Episode 41: The Call


On May 4th, we celebrated Star Wars with another installment of The Hero’s Journey discussion. Here are the show notes:


Dr. Kasie Whitener, Clemson Road Creative, fiction writer

Rex Hurst, English Instructor, fiction writer

Theme for the day

The Hero’s Journey Part 4: The Call


  • May the 4th be with you
  • Review of the Hero’s Journey
  • The Call
  • Trite, Cheesy, and so familiar it’s like deja vu
photo of room full of toys
Photo by Alex Kremer on Pexels.com

Segment 1

This is our third episode on the Hero’s Journey so ICYMI here are the other three episodes (one and two and three) and here’s the outline of the Hero’s Journey:

  • The Call — being chosen to undertake the journey
  • The Companions — who will accompany the hero?
  • The journey itself — distance, obstacles, treachery
    • Monsters
    • Temptations
    • Deadly opposites or opposing dangers — think colliding armies
    • The underworld — death itself or a glimpse of the other side in the form of visions and insights gleaned by ghosts and spirits
    • The helpers — maintain posts along the path and assist the hero and companions in some way
  • Arrival and frustration — within sight of the goal but a new and terrible series of obstacles presents
  • The final ordeal — the last test of the hero’s personal transformation
  • Achievement of the goal — life affirming, it was all worth it finale of the story.

The Quest is the idea that far away lies a priceless goal, a prize of some kind, and only by obtaining it can the hero fulfill his or her destiny. The Quest is Homer’s Odyssey and Spielberg’s Raiders of the Lost Ark. It’s The Lord of the Rings and Treasure Island.

The Quest (or hero’s journey) begins with The Call. In fiction it’s the inciting incident, it’s the reason we’re paying attention to the story now instead of a week ago or a week from now. It’s what changes for the hero and how he or she knows she’s selected for a special kind of life.

Some famous “Call” moments include:

The Call in Western literature may be obviously based on Mary learning she’s carrying the Savior. Similar elements:

  • The Archangel delivers the message — a magical creature, some otherworldly being with knowledge of the Hero and the journey ahead.
  • The inevitability of the task — she can’t get unpregnant, right? When Luke returns to his moisture farm to find his aunt and uncle’s burned corpses, his future off that sandy rock is secured.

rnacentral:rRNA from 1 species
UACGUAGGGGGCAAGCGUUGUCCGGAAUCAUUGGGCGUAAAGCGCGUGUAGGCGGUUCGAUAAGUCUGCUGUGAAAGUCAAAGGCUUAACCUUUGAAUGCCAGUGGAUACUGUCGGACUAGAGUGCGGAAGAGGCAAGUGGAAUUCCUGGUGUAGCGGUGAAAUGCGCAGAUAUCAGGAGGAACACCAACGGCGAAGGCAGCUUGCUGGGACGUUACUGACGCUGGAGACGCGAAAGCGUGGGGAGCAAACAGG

• The unlikelihood she’s the right choice — a bigger purpose for an unassuming kid. Mary was a VIRGIN! So, um, it couldn’t be her, right? Our hero didn’t think much of himself, oh he had dreams, sure, who doesn’t? But really he’s just a regular kid. Isn’t he? Then why are all those owls parked on his front lawn delivering letters addressed to him?
  • A promise to greatness — she’s carrying the light of the world, the being who will make all things right with God. So, yeah, she’s changing the world. Unite warring tribes, defeat tyrannical leaders, free oppressed people, you name it, greatness is yours and it’s coming.

Segment 2

Last week we did people and we mentioned The Herald. This is the person who issues “The Call” so let’s look at them first. This link is a whole list of Heralds. My favorites:

  • Come with me if you want to live
  • I’m Dying, Please Take my MacGuffin
  • Starts With a Suicide
  • Please Take Up My Sword

Essentially The Herald fills in the blank when “Nothing special happened in the hero’s life until BLANK showed up.” This is Hagrid in Harry Potter. It’s the thief whose crime the hero accidentally witnessed. It’s R2D2 mindlessly rolling(?) through the desert.

Some other Herald truisms:

Does our Herald have to be trustworthy? Ways to establish trust: rescue the hero, stick up for a victim, corroborate the hero’s unlikely story (lie for him/her)

Segment 3

Can the call be a mistake?

In our journey-and-return stories it certainly seems like it must be. How did lazy, daydreaming Alice get invited to witness Wonderland? How is Jack the luckiest beanstalk climber ever? Part of the removal from the existing circumstances is the hero’s unwillingness to accept the challenge before him. Think “reluctant hero” John Maclaine from Die Hard. Guess I gotta kill these assholes since there’s no one else to do it.

Some variations on “The Call” that might make us think it was given to the wrong person:

  • The call leaves a message — there’s no one there to receive it or the wrong person literally gets it; or it’s being thwarted by Uncle Vernon that fat fuck.
  • The call put YOU on hold — late bloomer, non-magical, whatever. You’re not special as badly as you want to be.
  • The call reception area — anyone can go there and just check to see if it’s them. It’s usually not. Until one day … Hero and best friend go, hero messes something up like unleashes a terrible evil, maybe best friend dies, and now hero must undertake the journey to set things right.

Segment 4

But “The Call” is as much about fulfilling prophecy as it is about initiating action.

We knew the call was coming.

Oedipus Rex was one whose journey was not only prophesied, it was thwarted and then came true anyway.

(More about prophecy)

If our hero is desperately looking for a purpose in life, he might sing the “I Want” song from your basic musical.

(More about making your own fate)

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